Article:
Merger Would be Detrimental

Letter to the Editor: MAUSD-ANWSD merger would be detrimental

Addison Independent | October 20, 2022

By Louis DuPont

On August 9th voters in the towns of Bristol, Monkton and New Haven had their chance to weigh in on Starksboro’s effort to remove itself from the Mount Abraham Unified School District. Despite an overall tally of 1,105 in favor or “releasing” Starksboro to 894 against, a 28-vote margin in the Town of New Haven was enough to derail our effort.

The information campaign by the MAUSD administration and their advocates touted a projected 17% tax increase for the remaining towns if Starksboro was allowed to leave the district. This figure was repeated in many letters to the editor and posts on social media. Just three days before the vote, Superintendent Reen allowed as how the projected tax increase attributable to Starksboro’s departure was only 8.6%, or half the amount publicized for weeks. No apology or admission of error was made.

Despite the Starksboro Save our School committee’s publication of our analysis that the likely tax increase was closer to 3%, the damage had been done.

How did we get here? How is it that we have strong advocates of public education on opposite sides of the consolidation issue, both wanting to “preserve and expand student opportunity,” but disagreeing on the way forward? We have extremely dedicated school board members putting in many hours of their time to make our schools work despite the perceived crisis of enrollment decline. At the same time we have dedicated community members, some of them former school board members and administrators, working hard to ensure that we keep our community schools, and that we keep the governance of those schools close at hand. Perhaps it is a function of our age to be so divided and seemingly at odds with each other.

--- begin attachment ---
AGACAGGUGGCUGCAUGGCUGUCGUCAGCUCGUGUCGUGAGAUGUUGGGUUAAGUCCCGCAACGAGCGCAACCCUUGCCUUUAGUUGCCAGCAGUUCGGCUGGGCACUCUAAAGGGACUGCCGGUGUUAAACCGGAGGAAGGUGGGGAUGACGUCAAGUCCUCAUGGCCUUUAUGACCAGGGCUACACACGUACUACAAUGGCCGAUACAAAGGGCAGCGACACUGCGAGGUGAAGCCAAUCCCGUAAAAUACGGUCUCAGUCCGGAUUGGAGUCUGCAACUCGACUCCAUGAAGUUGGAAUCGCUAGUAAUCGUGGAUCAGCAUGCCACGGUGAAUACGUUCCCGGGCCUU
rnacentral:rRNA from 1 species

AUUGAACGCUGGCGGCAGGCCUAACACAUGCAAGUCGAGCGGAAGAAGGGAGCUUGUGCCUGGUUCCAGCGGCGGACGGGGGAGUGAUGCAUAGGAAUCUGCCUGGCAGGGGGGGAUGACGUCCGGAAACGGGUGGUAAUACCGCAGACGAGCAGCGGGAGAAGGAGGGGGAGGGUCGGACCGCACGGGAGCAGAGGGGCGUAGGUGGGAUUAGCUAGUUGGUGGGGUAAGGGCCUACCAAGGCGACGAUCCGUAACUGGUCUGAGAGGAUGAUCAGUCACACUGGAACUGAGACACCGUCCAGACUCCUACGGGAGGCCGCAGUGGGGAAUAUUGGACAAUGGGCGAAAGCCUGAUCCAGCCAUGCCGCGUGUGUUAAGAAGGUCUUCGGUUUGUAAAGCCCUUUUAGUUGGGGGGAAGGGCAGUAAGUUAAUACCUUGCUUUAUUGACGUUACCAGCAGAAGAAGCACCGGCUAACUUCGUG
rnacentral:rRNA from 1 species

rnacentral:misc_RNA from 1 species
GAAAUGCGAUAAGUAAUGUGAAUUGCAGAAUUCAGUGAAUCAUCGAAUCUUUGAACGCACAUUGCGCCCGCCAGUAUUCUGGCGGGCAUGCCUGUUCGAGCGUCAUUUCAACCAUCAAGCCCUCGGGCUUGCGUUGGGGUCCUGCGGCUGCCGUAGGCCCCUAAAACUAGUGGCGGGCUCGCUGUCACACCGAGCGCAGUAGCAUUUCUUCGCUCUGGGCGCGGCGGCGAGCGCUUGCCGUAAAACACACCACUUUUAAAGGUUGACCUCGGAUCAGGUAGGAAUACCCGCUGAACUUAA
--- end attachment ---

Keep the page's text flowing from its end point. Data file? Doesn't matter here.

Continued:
Now we are fast approaching another important decision concerning our schools. This time the future of the schools in the nine towns that comprise the Addison Northwest School District (Vergennes, Ferrisburgh, Panton, Bridport and Addison) and the MAUSD (Bristol, Monkton, New Haven and Starksboro) are at stake. We are being asked to vote on whether or not the two districts should be merged to form one district with one board.

Without a doubt there are ways in which coordinating the work of the two districts makes sense. Food service for example, has been combined very successfully for almost ten years. But this collaboration did not require a merger in order to succeed. The proposed merger that is being promoted by both administrations is not needed and will be detrimental to our community schools. This is a wake-up call to the many voters who are unaware that this question is even on the ballot.

The continuing drumbeat for consolidation of school districts and School Boards, triggered by Act 46 and accelerated by exaggerated claims of savings and continuing pressure from the state, and certainly by declining enrollment, is pushing our school governance further from our schools. This is bad for our communities that place a high value on their local schools, and bad for the close oversight of our educational tax dollars.

For many years, Starksboro had a three-person school board that worked with our Superintendent to manage our budget, hire principals and make sure the school was in good repair. Though we were part of the five-town supervisory union, our board was particularly interested in, and responsible for the success of our school. If a community member or a parent saw something amiss, or knew of an opportunity for improvement, they called someone on the school board.

Though the governance structure was complex and occasionally exhausting for the superintendent, the local control was tangible and beneficial for both the school and the community.

Act 46 and the consolidation that followed changed this. For better or worse the MAUSD district now has one board of 13 instead of the 27 board members we had prior to consolidation. For administrators, it’s easy to understand the appeal of one budget and one board. There are definitely advantages of efficiency with a single board/budget. Less noted is the fact that we now have fewer community members engaged in school governance and oversight. We now have more of bureaucratic model, with less direct citizen involvement, and more administrative control.

If the merger passes we will continue down this road toward a more consolidated and less representative governance. We will have a single board managing a combined budget of over 60 million dollars and responsible for 10 schools. We will also set ourselves inevitably on a course to close a majority of the elementary schools in the two districts. I urge fellow residents of our two districts to vote no on this question.

Louis DuPont